Tried & Tested

Flight review: Finnair A320 business class

12 Jun 2018 by Jeremy Tredinnick
Finnair A320


This is a review of Finnair’s business class onboard its Airbus A320 on its Helsinki-London route. Finnair uses single-aisle A320s for many of its short-haul flights around Europe. These are all-economy seating, requiring some “reimagining” of the business class product.


I caught a taxi from downtown Helsinki to the airport’s Terminal 2 (from where all Finnair’s flights depart) – a 30-45 minute ride costing a set fee of €39 (US$45). Arriving, I tried to find an airport trolley since on this trip I happened to have two large holdall bags without wheels… Amazingly, there were none to be found anywhere. The airport was hectically busy – it was 3pm on a Sunday in June – but even so, this was a poor showing.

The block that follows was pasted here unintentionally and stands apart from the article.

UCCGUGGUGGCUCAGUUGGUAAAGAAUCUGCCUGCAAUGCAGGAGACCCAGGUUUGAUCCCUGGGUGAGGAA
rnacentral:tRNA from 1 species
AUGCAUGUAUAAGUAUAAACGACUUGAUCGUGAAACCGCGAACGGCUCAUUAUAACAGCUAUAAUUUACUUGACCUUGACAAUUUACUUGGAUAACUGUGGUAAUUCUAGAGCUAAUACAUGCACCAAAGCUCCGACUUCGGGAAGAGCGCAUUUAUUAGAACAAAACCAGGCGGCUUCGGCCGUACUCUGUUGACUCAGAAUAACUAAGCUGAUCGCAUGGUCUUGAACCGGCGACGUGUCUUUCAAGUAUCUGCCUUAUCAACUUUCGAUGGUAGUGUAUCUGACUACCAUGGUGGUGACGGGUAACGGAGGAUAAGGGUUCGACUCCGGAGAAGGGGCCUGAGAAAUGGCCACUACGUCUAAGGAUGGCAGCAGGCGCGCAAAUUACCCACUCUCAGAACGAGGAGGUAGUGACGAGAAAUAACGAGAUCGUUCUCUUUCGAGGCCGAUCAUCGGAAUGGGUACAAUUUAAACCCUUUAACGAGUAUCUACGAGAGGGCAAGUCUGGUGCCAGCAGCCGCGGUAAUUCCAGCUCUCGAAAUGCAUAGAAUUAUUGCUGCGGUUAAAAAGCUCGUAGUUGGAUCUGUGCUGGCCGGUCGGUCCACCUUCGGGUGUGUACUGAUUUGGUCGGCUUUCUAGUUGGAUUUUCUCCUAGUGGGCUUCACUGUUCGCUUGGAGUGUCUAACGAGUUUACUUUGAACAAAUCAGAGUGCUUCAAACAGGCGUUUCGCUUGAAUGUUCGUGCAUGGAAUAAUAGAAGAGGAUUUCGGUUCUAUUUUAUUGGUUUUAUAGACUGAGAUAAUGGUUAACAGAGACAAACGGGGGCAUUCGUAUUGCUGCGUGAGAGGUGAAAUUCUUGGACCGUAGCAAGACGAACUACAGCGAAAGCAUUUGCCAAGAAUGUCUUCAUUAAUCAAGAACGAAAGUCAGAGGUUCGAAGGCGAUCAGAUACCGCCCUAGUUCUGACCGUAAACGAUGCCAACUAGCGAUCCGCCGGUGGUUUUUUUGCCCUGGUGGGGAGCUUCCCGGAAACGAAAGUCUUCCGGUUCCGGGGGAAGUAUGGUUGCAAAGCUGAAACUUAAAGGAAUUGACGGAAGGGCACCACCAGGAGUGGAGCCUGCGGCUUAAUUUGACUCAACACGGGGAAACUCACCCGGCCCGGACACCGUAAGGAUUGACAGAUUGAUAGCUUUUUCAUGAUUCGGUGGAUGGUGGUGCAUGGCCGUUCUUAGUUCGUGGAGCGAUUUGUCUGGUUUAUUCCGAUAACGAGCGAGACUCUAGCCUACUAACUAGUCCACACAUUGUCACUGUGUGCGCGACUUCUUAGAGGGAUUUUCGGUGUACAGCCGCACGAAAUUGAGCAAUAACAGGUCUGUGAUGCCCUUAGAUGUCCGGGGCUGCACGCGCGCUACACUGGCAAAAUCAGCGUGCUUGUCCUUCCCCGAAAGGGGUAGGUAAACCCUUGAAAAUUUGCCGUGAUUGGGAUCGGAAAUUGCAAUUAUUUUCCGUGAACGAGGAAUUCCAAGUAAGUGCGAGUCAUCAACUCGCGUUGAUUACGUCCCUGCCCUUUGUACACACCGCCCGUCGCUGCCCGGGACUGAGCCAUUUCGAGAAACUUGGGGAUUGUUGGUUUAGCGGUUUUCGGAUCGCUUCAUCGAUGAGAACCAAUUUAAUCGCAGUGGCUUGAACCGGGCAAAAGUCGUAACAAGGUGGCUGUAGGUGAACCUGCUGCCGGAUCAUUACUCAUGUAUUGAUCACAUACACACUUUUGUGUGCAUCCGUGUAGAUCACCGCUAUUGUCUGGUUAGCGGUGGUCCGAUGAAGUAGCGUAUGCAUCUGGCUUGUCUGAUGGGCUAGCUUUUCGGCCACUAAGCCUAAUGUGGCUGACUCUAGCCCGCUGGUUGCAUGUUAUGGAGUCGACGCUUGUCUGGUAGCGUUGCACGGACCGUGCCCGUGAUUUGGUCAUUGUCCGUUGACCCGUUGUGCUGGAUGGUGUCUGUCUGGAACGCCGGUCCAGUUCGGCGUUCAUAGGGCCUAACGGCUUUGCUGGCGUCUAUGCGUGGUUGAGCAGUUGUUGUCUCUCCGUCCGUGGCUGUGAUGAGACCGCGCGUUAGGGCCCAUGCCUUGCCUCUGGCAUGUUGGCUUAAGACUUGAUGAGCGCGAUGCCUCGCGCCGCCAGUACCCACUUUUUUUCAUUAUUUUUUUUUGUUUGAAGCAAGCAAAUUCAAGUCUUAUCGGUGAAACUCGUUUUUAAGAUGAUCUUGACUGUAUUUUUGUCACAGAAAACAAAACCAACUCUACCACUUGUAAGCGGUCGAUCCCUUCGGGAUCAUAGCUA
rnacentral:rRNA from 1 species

Inside the terminal, the priority check-in section (with six counters) was struggling to cope; a long line meant I waited 15 minutes to check my bags in, and once that was done I had another 25 minutes of queueing to get through security screening. Finally airside, I headed for the Finnair Lounge near gate 50 (conveniently, my boarding gate was 50A), but this turned out to be another ten-minute walk (with yet again no trolleys for my briefcase and backpack). In total it took me 50 minutes to get to the lounge after arriving at the airport – an unwanted record for me (excluding US airports, of course).


The “Premium” section of the Finnair Lounge is to the left of the entrance, but I only had access to the main area, a large rectangular space with high ceilings and, up two sets of steps, a raised gallery of chairs, sofa benches and tables on two sides. The F&B area is to the left: during my visit it was offering four tasty hot dish options (tom yum soup, game and potato casserole, vegetarian lasagne and a vegetable “stir-fry” with tortilla bread). The salad bar, fruits and desserts were acceptable but uninspiring, though the strawberry smoothie was delicious.